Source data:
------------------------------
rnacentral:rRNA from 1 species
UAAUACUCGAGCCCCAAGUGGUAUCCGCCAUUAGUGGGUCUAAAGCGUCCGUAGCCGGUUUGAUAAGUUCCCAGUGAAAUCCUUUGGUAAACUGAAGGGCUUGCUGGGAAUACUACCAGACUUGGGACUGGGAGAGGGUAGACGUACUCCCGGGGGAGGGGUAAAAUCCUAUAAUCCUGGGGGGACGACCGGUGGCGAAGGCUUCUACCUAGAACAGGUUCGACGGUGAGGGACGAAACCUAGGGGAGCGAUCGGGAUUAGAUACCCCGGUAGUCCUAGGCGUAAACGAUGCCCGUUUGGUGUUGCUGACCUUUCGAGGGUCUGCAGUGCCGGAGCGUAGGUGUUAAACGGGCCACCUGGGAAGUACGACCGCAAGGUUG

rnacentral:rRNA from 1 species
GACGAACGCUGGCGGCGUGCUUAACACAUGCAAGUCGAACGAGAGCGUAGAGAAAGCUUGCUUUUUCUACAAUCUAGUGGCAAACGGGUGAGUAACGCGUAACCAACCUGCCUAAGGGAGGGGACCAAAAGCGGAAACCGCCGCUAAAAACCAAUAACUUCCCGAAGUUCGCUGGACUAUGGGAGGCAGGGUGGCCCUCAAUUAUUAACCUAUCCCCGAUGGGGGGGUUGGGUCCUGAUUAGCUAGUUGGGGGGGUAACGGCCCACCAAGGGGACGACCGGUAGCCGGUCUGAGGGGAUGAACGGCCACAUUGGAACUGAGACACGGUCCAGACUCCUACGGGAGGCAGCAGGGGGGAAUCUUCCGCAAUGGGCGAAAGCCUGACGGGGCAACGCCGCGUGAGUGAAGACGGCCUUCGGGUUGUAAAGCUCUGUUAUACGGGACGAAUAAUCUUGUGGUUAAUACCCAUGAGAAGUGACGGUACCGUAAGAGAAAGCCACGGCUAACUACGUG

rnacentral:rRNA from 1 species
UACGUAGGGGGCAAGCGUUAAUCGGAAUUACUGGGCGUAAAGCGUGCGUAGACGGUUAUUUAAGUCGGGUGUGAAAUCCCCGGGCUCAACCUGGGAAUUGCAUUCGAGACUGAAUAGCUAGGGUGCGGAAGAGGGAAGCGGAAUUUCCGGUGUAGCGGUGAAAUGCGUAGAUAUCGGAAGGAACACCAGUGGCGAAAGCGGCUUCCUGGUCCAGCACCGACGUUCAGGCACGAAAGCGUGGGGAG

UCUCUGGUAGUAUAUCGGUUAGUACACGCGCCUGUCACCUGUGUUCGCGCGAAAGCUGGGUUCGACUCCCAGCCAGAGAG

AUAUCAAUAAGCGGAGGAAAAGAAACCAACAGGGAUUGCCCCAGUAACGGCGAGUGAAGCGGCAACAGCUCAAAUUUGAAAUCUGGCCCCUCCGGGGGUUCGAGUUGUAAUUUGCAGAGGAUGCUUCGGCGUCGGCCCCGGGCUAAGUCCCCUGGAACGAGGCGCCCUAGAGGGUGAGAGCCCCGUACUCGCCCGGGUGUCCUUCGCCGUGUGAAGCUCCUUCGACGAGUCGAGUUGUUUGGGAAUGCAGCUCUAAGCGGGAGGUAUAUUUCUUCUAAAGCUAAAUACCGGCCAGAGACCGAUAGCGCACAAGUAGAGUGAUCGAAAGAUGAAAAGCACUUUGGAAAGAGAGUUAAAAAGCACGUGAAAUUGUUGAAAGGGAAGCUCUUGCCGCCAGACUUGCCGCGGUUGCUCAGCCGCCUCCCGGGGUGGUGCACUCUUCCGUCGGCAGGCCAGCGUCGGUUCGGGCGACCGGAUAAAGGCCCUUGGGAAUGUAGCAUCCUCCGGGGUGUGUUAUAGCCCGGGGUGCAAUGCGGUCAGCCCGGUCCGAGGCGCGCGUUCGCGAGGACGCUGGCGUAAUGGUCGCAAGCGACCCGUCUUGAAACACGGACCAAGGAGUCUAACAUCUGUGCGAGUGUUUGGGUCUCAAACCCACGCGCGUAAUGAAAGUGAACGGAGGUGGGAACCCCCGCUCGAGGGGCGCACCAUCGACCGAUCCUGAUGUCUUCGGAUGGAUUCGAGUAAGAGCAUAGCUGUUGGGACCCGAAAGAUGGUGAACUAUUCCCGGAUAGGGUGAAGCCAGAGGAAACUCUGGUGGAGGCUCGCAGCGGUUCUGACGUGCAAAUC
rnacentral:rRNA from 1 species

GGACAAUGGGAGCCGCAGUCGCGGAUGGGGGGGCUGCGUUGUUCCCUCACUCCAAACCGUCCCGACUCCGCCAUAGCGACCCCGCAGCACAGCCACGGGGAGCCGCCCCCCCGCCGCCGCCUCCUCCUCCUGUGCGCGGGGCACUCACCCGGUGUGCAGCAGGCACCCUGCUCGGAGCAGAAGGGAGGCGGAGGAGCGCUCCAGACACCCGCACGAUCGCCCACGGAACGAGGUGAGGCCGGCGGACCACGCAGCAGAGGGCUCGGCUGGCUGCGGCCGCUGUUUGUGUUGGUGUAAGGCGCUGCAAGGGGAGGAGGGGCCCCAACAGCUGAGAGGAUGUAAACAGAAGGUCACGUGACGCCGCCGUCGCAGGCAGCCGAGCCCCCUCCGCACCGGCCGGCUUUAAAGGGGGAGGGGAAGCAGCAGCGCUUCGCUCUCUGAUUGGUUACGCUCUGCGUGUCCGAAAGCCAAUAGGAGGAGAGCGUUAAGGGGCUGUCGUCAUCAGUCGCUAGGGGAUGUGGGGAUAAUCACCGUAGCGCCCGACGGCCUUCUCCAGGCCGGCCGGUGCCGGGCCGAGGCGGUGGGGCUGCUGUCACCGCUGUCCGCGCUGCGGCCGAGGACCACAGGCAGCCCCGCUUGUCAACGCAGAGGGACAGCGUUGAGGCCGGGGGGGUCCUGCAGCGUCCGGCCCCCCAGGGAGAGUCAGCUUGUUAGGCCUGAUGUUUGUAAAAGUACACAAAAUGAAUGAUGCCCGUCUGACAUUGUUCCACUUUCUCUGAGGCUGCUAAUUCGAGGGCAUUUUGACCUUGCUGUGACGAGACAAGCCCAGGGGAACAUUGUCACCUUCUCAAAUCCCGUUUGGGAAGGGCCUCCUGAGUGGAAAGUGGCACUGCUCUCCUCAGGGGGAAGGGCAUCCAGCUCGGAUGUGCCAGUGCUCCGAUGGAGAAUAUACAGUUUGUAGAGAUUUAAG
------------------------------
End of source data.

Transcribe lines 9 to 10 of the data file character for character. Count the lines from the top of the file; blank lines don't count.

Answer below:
rnacentral:rRNA from 1 species

GGACAAUGGGAGCCGCAGUCGCGGAUGGGGGGGCUGCGUUGUUCCCUCACUCCAAACCGUCCCGACUCCGCCAUAGCGACCCCGCAGCACAGCCACGGGGAGCCGCCCCCCCGCCGCCGCCUCCUCCUCCUGUGCGCGGGGCACUCACCCGGUGUGCAGCAGGCACCCUGCUCGGAGCAGAAGGGAGGCGGAGGAGCGCUCCAGACACCCGCACGAUCGCCCACGGAACGAGGUGAGGCCGGCGGACCACGCAGCAGAGGGCUCGGCUGGCUGCGGCCGCUGUUUGUGUUGGUGUAAGGCGCUGCAAGGGGAGGAGGGGCCCCAACAGCUGAGAGGAUGUAAACAGAAGGUCACGUGACGCCGCCGUCGCAGGCAGCCGAGCCCCCUCCGCACCGGCCGGCUUUAAAGGGGGAGGGGAAGCAGCAGCGCUUCGCUCUCUGAUUGGUUACGCUCUGCGUGUCCGAAAGCCAAUAGGAGGAGAGCGUUAAGGGGCUGUCGUCAUCAGUCGCUAGGGGAUGUGGGGAUAAUCACCGUAGCGCCCGACGGCCUUCUCCAGGCCGGCCGGUGCCGGGCCGAGGCGGUGGGGCUGCUGUCACCGCUGUCCGCGCUGCGGCCGAGGACCACAGGCAGCCCCGCUUGUCAACGCAGAGGGACAGCGUUGAGGCCGGGGGGGUCCUGCAGCGUCCGGCCCCCCAGGGAGAGUCAGCUUGUUAGGCCUGAUGUUUGUAAAAGUACACAAAAUGAAUGAUGCCCGUCUGACAUUGUUCCACUUUCUCUGAGGCUGCUAAUUCGAGGGCAUUUUGACCUUGCUGUGACGAGACAAGCCCAGGGGAACAUUGUCACCUUCUCAAAUCCCGUUUGGGAAGGGCCUCCUGAGUGGAAAGUGGCACUGCUCUCCUCAGGGGGAAGGGCAUCCAGCUCGGAUGUGCCAGUGCUCCGAUGGAGAAUAUACAGUUUGUAGAGAUUUAAG